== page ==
Thursday, May 12, 2016
Future Tech: Innovation or Gimmick? (Part 4)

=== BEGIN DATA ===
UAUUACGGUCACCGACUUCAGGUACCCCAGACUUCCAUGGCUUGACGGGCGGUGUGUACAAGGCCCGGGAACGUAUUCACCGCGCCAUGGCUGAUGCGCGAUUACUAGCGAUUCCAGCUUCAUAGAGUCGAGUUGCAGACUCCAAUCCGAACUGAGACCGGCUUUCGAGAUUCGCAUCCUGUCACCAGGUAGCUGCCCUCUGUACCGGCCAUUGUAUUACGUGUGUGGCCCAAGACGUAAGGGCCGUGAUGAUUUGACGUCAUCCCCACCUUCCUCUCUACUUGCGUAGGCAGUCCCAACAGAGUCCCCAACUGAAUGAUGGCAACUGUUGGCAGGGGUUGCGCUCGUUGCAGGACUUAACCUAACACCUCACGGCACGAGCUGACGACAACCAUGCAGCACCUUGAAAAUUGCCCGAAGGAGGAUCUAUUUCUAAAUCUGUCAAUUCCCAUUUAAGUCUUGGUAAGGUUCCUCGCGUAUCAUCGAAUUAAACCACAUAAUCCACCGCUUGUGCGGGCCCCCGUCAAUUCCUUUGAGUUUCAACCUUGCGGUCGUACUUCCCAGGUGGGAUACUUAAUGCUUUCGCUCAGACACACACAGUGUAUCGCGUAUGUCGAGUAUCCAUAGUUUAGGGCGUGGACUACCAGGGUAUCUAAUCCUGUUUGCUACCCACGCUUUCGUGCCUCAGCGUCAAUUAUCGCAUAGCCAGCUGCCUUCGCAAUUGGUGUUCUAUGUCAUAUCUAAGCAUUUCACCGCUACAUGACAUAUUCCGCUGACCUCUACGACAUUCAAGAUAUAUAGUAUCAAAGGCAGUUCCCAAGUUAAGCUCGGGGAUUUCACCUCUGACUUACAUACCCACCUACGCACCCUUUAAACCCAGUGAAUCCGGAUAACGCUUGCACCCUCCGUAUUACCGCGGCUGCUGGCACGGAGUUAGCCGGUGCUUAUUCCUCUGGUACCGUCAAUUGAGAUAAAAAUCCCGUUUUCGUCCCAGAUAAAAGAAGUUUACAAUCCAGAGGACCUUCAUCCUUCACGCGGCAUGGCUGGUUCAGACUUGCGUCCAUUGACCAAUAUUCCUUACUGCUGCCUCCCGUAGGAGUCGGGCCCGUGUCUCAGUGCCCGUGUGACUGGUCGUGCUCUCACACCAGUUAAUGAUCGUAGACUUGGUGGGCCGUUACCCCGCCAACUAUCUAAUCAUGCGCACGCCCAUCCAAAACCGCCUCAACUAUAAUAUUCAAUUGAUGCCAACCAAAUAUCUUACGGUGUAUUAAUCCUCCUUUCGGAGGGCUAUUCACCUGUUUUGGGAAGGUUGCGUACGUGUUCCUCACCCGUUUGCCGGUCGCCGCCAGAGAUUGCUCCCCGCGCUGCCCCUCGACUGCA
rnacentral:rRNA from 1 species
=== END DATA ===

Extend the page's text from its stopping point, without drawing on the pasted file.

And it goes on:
One technological innovation that is slowly but steadily being embraced is 3D printing. When you think of 3D printing, you might imagine a large, expensive machine that prints fun plastic toys, but the use 3D printing has exploded in recent years. According to some surveys, two-thirds of the manufacturing industry is using 3D printing, some for rapid prototyping, others for production or for custom parts. The global market for 3D printing is projected to be at $16.2 billion in 2018, and research has predicted that it will quadruple over the next decade. Desktop 3D printers are becoming more affordable, and the range of application is expansive: dentists are printing Invisalign braces for patients, General Electric is printing complex metal parts for motors, and even commercial airline Airbus has been using 3D printing to save millions in parts production and fuel costs by shaving off the weight of an aircraft. Airbus even has plans to completely 3D print an airplane someday. A Chinese company has even managed to use a giant 3D printer to print 10 single-level houses in one day. Someday, you may be able to buy something on Amazon and then 3D print it right at home, enjoying near-instant delivery! (and don't worry, 3D printing speeds are improving quickly as the technology advances.) It's looking like 3D printing isn't just a passing fad—what we're seeing right now may just be the beginning.